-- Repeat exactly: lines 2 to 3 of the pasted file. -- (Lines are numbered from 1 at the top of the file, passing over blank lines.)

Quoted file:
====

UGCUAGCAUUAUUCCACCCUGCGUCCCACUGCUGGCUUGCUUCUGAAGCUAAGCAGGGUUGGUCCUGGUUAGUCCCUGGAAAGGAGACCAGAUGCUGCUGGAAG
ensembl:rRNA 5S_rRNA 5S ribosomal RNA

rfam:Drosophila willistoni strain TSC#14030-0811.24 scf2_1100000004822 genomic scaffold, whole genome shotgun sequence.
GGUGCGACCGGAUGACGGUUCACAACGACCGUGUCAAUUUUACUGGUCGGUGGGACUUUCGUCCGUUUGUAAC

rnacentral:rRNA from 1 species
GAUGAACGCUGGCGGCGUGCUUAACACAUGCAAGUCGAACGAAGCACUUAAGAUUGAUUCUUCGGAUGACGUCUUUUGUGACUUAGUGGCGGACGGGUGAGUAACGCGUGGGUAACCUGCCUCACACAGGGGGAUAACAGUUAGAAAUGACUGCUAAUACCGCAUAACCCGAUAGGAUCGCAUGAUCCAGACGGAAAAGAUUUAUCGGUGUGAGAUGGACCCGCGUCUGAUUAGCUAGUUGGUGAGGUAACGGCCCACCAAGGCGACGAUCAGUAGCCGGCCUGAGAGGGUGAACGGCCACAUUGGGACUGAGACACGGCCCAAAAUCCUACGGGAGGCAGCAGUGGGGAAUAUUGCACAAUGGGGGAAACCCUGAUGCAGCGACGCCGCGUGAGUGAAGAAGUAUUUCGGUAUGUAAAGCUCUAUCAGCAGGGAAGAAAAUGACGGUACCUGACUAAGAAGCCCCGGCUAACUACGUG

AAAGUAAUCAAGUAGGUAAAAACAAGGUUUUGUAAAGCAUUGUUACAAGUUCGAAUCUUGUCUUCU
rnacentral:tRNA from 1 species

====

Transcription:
ensembl:rRNA 5S_rRNA 5S ribosomal RNA

rfam:Drosophila willistoni strain TSC#14030-0811.24 scf2_1100000004822 genomic scaffold, whole genome shotgun sequence.